A Power Stronger Than Itself: The AACM and American Experimental Music

By George E. Lewis | Go to book overview

afterword

The Way of the Arranger

A few years back, the saxophonist and electronic musician Steve Coleman was in constant communication with my UCSD graduate students. One of his e-mails to them contained the reminder that in evaluating the impact of a musical movement (or perhaps any movement), one was obliged to consider not only what the movement did, but also what it tried (and perhaps failed) to do. As we have seen, one major thing that AACM musicians “tried” to do was to survive and even thrive while (a) pursuing their art and (b) controlling the means of its production. These goals are, in fact, intertwined with another important goal—that of affecting the discourses surrounding and mediating the activity of the African American artist.

In fact, none of these goals are likely to be realized without pursuing the others, and I'd like to invoke James Clifford's influential essay “On Ethnographic Authority” as a touchstone for establishing my working method for an interim evaluation of the collective's legacy. “One increasingly common way to manifest the collaborative production of ethnographic knowledge,” Clifford writes, “is to quote regularly and at length from informants.”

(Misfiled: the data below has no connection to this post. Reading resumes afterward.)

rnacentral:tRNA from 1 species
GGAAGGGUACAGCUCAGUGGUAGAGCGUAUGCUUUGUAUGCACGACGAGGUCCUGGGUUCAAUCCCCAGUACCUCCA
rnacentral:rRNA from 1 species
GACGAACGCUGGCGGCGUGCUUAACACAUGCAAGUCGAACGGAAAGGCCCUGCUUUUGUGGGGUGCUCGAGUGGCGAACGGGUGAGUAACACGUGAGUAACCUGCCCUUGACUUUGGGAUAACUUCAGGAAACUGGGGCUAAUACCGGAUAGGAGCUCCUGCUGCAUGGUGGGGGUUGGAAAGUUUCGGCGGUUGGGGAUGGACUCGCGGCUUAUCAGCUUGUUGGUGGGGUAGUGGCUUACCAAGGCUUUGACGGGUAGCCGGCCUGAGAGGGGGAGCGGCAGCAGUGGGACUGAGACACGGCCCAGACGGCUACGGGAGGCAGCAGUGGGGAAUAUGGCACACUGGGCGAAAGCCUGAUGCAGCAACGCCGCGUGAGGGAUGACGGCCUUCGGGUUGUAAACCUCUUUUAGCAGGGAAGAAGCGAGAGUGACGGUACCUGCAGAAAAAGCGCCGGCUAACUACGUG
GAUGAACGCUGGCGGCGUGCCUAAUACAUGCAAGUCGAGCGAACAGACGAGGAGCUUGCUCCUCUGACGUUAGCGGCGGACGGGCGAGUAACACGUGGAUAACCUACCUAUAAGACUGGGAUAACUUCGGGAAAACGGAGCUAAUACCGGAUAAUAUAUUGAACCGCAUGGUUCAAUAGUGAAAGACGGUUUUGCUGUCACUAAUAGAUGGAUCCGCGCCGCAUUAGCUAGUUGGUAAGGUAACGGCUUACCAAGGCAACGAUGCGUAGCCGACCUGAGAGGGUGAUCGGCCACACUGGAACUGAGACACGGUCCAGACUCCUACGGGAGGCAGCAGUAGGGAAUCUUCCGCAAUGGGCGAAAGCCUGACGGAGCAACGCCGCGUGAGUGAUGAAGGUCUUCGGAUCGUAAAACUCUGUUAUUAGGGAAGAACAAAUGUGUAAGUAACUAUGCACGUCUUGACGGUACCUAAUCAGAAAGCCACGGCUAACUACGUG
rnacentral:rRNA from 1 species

But such quotations are always staged by the quoter, and tend to
serve merely as examples, or confirming testimonies. Looking

-497-

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A Power Stronger Than Itself: The AACM and American Experimental Music
Table of contents

Table of contents

  • Title Page iii
  • Contents v
  • Preface - The AACM and American Experimentalism ix
  • Acknowledgments xv
  • Introduction - An AACM Book: Origins, Antecedents, Objectives, Methods xxiii
  • Chapter Summaries xxxv
  • 1: Foundations and Prehistory 1
  • 2: New Music, New York 29
  • 3: The Development of the Experimental Band 55
  • 4: Founding the Collective 85
  • 5: First Fruits 115
  • 6: The AACM Takes Off 163
  • 7: Americans in Paris 215
  • 8: The AACM's Next Wave 259
  • 9: The AACM in New York 325
  • 10: The New Regime in Chicago 389
  • 11: Into the Third Decade 440
  • 12: Transition and Reflections 481
  • Afterword 497
  • Appendix A - Interviews Conducted by the Author 515
  • Appendix B - Selected AACM Recordings 519
  • Notes 525
  • Bibliography 601
  • Index 637
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